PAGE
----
Wednesday, 8 June 2011

I'm Ready For My Close Up

Like so many women d'un certain age I am a member of a book club.

I'd like to say that we are an eclectitc and funky group...but in truth we are bunch of Mums who have kids in the same school. We are all married, over forty and have a pair of white linen trousers hanging in our wardrobes.

Attending my book club is without the doubt the most middle class thing I have ever done.

In its defence, though, we are a loud and opinionated bunch. We don't sit around politely nodding our heads. Discussions are often heated. Plus we all drink like George Best after a month in rehab.
Shouting is a common occurance, crying is not unheard of.

Anyhow...we were asked by a TV company to review a book for a chanel four programme and we agreed.

At first we began to fret about what we would say, but that was soon brushed aside as paranoia over whether we could all lose a stone in three days settled in.

The book in question was The Lantern by Deborah Lawrenson, a compelling tale set in a deliciously rural and run down Provencal farm house. It's being featured, quite rightly, as a big Summer read, given that each page is redolent with the scent of endless lavender fields, and the idea was for us to review it in a similarly sunshiney vibe at a pub on the river with the light glittering off the water and our wine glasses. White linen trousers a go-go.

Naturally, on the morning of the shoot it was pissing it down. Not a small shower or what my Mum charmingly describes as 'spitting', no this was proper rain. And wind. And cold.
My club mates wondered if filming would be cancelled or at least postponed, but if I've learned anything from writing it's that sometimes you have to work with what you've got. So I wore white trousers and sunglasses almost as an act of defiance. One of my mates kindly brought a plastic carrier for me to sit on, pointing out that a wet bum is never a good look.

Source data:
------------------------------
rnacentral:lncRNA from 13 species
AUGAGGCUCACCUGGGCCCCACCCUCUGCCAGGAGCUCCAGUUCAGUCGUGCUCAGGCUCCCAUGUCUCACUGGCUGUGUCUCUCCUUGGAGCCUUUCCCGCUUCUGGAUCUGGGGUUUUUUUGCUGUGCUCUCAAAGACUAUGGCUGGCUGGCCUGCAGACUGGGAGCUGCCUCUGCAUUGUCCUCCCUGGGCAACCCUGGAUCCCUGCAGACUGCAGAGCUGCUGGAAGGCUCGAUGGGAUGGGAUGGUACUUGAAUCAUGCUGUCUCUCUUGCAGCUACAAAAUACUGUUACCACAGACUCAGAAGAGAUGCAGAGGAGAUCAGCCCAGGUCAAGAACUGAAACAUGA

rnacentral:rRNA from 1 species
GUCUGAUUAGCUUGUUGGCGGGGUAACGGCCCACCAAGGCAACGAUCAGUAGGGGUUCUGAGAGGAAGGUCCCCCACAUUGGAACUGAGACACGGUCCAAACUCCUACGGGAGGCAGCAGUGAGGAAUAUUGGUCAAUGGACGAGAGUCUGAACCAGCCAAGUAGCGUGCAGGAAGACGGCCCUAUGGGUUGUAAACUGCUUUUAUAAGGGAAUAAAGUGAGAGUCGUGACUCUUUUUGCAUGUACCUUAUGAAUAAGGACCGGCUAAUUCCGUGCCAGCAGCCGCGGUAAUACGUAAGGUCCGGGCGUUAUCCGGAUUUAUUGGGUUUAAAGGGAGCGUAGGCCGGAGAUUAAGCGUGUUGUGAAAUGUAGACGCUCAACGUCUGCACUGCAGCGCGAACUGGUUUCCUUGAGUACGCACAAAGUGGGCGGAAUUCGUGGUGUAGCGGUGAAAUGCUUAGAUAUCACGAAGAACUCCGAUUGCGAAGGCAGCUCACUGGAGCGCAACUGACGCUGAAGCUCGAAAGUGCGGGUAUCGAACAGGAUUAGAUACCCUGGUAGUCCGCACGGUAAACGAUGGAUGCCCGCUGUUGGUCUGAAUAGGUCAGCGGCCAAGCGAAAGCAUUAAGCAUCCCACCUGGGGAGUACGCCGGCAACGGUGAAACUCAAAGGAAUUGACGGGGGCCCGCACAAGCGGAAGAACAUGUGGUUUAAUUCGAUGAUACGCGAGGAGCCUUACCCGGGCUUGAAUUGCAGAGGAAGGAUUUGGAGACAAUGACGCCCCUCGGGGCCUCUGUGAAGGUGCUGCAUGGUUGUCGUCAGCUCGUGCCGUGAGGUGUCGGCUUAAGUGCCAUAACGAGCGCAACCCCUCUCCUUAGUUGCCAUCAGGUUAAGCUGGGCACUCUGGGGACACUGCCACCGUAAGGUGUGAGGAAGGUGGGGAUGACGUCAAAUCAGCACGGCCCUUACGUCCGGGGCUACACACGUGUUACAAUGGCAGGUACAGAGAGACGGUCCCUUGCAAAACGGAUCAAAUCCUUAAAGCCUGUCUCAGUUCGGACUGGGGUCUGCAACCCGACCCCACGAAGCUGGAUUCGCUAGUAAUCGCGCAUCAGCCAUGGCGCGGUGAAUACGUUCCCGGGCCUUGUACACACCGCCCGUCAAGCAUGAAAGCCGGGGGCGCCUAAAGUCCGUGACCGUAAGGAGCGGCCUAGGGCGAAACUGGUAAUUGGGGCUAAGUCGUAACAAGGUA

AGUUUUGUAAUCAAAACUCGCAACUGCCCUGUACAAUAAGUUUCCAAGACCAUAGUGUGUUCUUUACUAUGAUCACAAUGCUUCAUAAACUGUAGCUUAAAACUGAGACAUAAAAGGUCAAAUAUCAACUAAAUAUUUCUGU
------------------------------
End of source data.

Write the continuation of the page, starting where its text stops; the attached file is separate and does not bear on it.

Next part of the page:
In the end we filmed inside. Which was fine...but by God do these things take time. We filmed for over three hours which will probably translate into about three minutes of telly. I was very pleased with what I thought was a snappy little soundbite: 'A great Summer read for the thinking Summer reader.' Pleased until I had to repeat it about fifteen had, to be honest, lost its shine by then and I'll cheerfully let it drop from my cannon.

Time and again the camera guy changed his angle, checked the light, asked for a repeat. Little was left to chance and I was reminded of the writing process and how you just can't tell how much time and effort goes into making something work. Indeed the easier it looks, the more seamless the end product, the flipping more time consuming the project is.

In the end when the shoot wrapped (get me with my insiders lingo) we all went away with a new found admiration for the graft behind the scenes that no-one sees...


Fionnuala said...

Helen, weren't you tempted to leave copies of your latest book lying around??
I love the image of the white linen trouser'd brigade. Alas, I too have a pair. Can I be in your gang? x

Geraldine Ryan said...

I look forward to seeing this, Helen! Having been filmed myself for a slot on Teachers' TV about teachers who do other things in their spare time I have some insight into the length of time it takes to film what turned out to be a fifteen minute slot. Two days in my case. It's exhausting, isn't it?

Karen said...

I knew there was something missing from my life - I'm off to buy white linen trousers ...